In 2021 Fathom will publish a set of articles about the UK-Israel relationship, to be collected into an eBook, and perhaps a print edition later in the year.
We want to cover all dimensions of the contemporary relationship: diplomatic, military, security, economic (including the post-Brexit trade relationship), tech, cyber, and cultural, as well as Israel-UK diaspora relations.
We are interested in articles of 3000-5000 words addressed to:
- Histories: the historical evolution of the UK-Israel relationship, studies of key political moments and the individuals who have shaped the relationship.
- Economics and Trade: what are the opportunities today for both countries and how should they be seized? How will Brexit impact on the relationship?
- Peace: what role can the UK play now it is outside the EU?
- Diasporas: analyses of the changing dynamics of Israel-UK diaspora relations and the main points of cooperation and conflict today.
- Military and Security: what is the state of relations between the Israeli and British armed forces and security services, what potential is there for deepening collaboration, and how can those opportunities be seized?
- Culture: explorations of the burgeoning cultural interchanges, and the books, paintings, films, plays, and TV that are flowing between the two countries.
- Divisions: both societies are wrestling with deep divisions based on politics, culture, and ethnic, religious or national identities. There is much talk of the surge of ‘populism’ reshaping political cleavages and policies. We are interested in comparative analyses of this so-called ‘populist moment’.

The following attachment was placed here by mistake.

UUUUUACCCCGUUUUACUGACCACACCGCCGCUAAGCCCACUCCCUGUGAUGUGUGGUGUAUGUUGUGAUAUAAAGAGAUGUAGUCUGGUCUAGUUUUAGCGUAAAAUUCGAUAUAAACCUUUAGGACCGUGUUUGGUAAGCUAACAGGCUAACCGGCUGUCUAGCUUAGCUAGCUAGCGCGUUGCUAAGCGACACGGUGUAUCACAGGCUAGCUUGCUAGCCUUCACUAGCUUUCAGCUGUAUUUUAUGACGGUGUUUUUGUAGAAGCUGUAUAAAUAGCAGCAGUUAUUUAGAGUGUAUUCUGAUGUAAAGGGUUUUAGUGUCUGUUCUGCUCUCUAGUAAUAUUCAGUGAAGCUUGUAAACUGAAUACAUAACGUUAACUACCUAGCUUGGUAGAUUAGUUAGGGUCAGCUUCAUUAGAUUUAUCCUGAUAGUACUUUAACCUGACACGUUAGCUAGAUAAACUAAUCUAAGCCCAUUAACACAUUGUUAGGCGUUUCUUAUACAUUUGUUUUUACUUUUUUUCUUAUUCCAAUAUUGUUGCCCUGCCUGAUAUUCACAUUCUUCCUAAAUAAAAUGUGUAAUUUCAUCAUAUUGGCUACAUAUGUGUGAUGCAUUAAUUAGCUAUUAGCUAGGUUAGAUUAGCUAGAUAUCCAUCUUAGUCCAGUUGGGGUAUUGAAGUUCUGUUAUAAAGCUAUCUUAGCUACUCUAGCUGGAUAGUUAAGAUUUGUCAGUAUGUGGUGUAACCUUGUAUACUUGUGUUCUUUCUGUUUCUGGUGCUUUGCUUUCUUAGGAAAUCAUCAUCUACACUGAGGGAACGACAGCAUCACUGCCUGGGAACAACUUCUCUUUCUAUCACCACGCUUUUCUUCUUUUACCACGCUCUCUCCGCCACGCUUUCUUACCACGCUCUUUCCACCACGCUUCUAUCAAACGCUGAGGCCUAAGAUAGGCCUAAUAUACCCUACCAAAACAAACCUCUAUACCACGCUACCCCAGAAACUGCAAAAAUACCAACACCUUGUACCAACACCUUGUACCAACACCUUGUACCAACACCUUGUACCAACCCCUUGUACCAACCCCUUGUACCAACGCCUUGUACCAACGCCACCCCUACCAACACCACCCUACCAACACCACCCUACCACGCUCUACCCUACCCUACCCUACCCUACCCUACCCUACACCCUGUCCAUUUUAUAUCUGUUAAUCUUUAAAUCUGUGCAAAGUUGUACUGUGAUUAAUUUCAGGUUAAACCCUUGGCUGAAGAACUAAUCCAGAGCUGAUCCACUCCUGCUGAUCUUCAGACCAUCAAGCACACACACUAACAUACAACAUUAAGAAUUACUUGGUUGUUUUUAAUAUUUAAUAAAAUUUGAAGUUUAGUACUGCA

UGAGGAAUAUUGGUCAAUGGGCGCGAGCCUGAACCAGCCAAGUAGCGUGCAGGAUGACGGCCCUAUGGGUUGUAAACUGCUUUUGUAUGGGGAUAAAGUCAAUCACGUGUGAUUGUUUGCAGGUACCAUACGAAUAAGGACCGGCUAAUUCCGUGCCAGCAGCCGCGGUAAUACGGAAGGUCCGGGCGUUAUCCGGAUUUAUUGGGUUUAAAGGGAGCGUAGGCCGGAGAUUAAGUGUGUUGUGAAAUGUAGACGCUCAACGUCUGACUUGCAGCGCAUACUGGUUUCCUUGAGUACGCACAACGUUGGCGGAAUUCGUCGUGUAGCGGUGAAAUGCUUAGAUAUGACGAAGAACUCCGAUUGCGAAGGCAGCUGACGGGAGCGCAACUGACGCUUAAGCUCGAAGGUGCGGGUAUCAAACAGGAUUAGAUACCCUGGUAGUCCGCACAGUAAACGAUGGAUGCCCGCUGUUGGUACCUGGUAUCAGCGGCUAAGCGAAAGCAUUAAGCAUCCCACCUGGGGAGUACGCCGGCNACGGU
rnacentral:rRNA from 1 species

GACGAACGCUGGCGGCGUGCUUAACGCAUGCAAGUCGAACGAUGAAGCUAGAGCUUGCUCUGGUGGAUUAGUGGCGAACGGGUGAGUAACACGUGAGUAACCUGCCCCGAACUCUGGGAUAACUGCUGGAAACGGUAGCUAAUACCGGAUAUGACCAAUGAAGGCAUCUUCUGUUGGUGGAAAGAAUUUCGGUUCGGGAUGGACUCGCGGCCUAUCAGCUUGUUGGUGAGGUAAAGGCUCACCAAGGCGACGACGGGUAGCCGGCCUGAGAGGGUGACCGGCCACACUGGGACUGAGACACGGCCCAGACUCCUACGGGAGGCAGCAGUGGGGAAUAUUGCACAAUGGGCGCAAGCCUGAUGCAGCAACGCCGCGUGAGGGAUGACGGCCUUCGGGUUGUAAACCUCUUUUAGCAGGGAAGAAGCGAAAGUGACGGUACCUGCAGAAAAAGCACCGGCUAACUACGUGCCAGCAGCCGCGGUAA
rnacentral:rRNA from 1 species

- Futures: informed and evidence-based analyses of where the UK-Israel relationship is going, and where it should be going.
- Stories: alongside the above, we invite submissions about the human side of the relationship: the manifold personal relationships, the profound meaning of Israel to the UK ‘s Jewish and Palestinian Arab communities, the profound meaning of the old home to those Jews who have made aliyah, the benefits to both countries of the hybrid identities developed by so many Brits and Israelis, the sheer range of links that are enriching both societies.
At the time of the publication of the eBook we will organise an event – hopefully, by then, not only on Zoom – to bring together authors, politicians, civil servants, academics, journalists, civil society leaders and think tankers from both countries to discuss the issues raised by the book.
Please consider contributing to the eBook. First step: please send me a short note (no more than 200 words) setting out what you would like to write about.
Professor Alan Johnson, for the Fathom editors